Venturing out into a changed climate today although we seemed to have found a moment of calm between rain flurries and shutter-rattling wind gusts. But everything looked wet, I mean really drenched, so drenched in fact it looked like the water had sunk into the stone, the wood, and the concrete of the buildings as if there had been a relentless bombardment of water falling for hours and hours in the same place. The houses looked like an unwitting child who’d fallen into a lake fully clothed and was standing by the shore waiting for Mama to bring her a towel.
Except, this time there was no towel in sight only the promise of at least another week of rain. So in this break from relentless water falling from the sky, we went down into town to take back our heater for the second time. It was the same drill, no problem, we had the receipt and the insurance but this time the man took it out of the box to look at the issue, same as last time. He switched it on and one of the bars didn’t work, the only problem was they didn’t have another one in stock. The last time we were here they had lots of them – I hope the purchasers all took out the insurance. So we had to lug the heater back to the house and now we wait till they call us. It still works but not properly. Is the lesson don’t buy cheap crap especially if it’s the in-house brand and it’s from a generic electronics store in a shopping centre?
Off the mundane and onto more inspiring concepts, we did a soundcheck with Grant in Huntsville, Alabama today. We had to check that the audio was working well on his end. You have to have pretty good internet to play music over Skype and have it come through uninterrupted, not breaking up, distorting, sounding like it’s getting faster (weird when that happens). So we didn’t want to plan to play for an hour unsure if these potential obstacles were going to occur one song in. It was fine and we’ll play for Grant, his brother and a friend next Saturday at 6 PM. Tomorrow we have another soundcheck with Jason in Michigan for a Skype concert this coming Saturday at 6 PM. And then there’s George this weekend too but we haven’t heard back from him for soundcheck…are you there George? These concerts are part of the MOAT – Poison Stream campaign and are as close as we get to be playing a ‘live’ concert, it is ‘live’ of course but not actually being there makes for a different feeling. I suppose it’s unique, not a video of a concert, not an actual concert in the flesh but still a live concert. Perhaps one of the strangest things about it is performing for 1-3 people. But for us sitting in our Portuguese front room, it could be 3 people or a million people – it’s exclusive TV.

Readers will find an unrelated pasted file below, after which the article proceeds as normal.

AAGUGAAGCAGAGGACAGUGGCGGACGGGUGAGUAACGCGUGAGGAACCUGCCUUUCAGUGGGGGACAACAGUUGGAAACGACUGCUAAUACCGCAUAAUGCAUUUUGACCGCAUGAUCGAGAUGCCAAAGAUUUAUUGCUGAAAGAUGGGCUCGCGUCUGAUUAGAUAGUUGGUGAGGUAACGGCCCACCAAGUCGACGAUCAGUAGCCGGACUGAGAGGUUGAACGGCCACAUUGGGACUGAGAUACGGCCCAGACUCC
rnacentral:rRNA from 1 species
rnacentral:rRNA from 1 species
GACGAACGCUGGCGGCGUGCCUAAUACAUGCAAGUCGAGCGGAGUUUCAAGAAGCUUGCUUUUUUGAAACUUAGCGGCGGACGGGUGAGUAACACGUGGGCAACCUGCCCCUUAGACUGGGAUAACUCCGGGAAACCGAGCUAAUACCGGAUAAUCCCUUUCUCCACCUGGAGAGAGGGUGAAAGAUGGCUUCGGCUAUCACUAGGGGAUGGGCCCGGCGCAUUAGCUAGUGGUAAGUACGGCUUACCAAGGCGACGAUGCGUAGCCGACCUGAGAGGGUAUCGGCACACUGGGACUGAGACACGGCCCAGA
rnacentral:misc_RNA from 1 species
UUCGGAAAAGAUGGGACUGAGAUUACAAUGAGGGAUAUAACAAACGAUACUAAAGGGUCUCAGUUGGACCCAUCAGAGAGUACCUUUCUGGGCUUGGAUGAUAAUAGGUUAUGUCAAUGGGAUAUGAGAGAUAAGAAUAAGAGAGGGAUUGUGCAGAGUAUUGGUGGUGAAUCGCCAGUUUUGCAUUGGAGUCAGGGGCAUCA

We’ve been trying to get the records out to those of you that pre-ordered through the MOAT campaign, most of which had autograph requests but we’ve had a couple of issues. First of all the distributor sent the covers to us at the archive in England after we had already left for Portugal. So they sent them again to Portugal but now they’re stuck in customs somewhere north of Porto. So if you’ve requested an autographed copy but you’d rather not wait we could get a non-autographed copy to you sooner. Let Olivia know. Also, the pandemic has slowed everything down and on top of that pressing plants are crazy busy.
There are also some MOAT events coming up. We are recording a Q&A video for those that helped us reach our goal. As soon as we have done that we will send you the link. So if you contributed to the campaign and have any more questions send them along. On February 3rd we will be releasing another track from Poison Stream with a ‘cutout’ video. Just 12 days to wait for that one. Last but not least we have a listening party for the new album on Saturday, February 20th at 6 PM Portuguese time, more details to follow but that will also include questions afterwards and Niko will also be part of that event.
Music today has been firmly in Argentina. The Argentinian Rock scene of the late sixties and early seventies is really something and so tonight I listened to four albums; by Arco Iris (Los Elementales, 1977), a later album (their sixth) after they developed into a jazzier incarnation – they eventually moved to live in California. Almendra’s Progressive debut (1970) is a very famous album in Argentina and Aquelarre’s debut (1971) was formed out of the ashes of Almendra; Vox Dei, their fifth album Es Una Nuba, No Hay Duda (It Is A Cloud, There Is No Doubt, 1973), a power trio and well worthy of your ears if you like Cream and Rory, Hendrix and any Rock band that has this line-up. So what do the band names mean? Arco Iris is ‘rainbow’, Almendra is ‘almond’, Aquelarre is ‘coven’ and Vox Dei is ‘God’s voice’. There’s a lot of great Rock music in Argentina and anything that Almendra’s Luis Alberto Spinetta was involved in is worth hearing. His next band was Pescado Rabioso (Rabid Fish), the debut Desatormentándonos (Disarming Us) was released in 1972. He sadly died from cancer at the age of 62 but if you click on his link you will see just by pure volume of material how influential he was to the Argentinian scene (it’s in Spanish). Eminem sampled his band after Almendra, Pescado Rabioso, on his latest album, Music To Be Murdered By.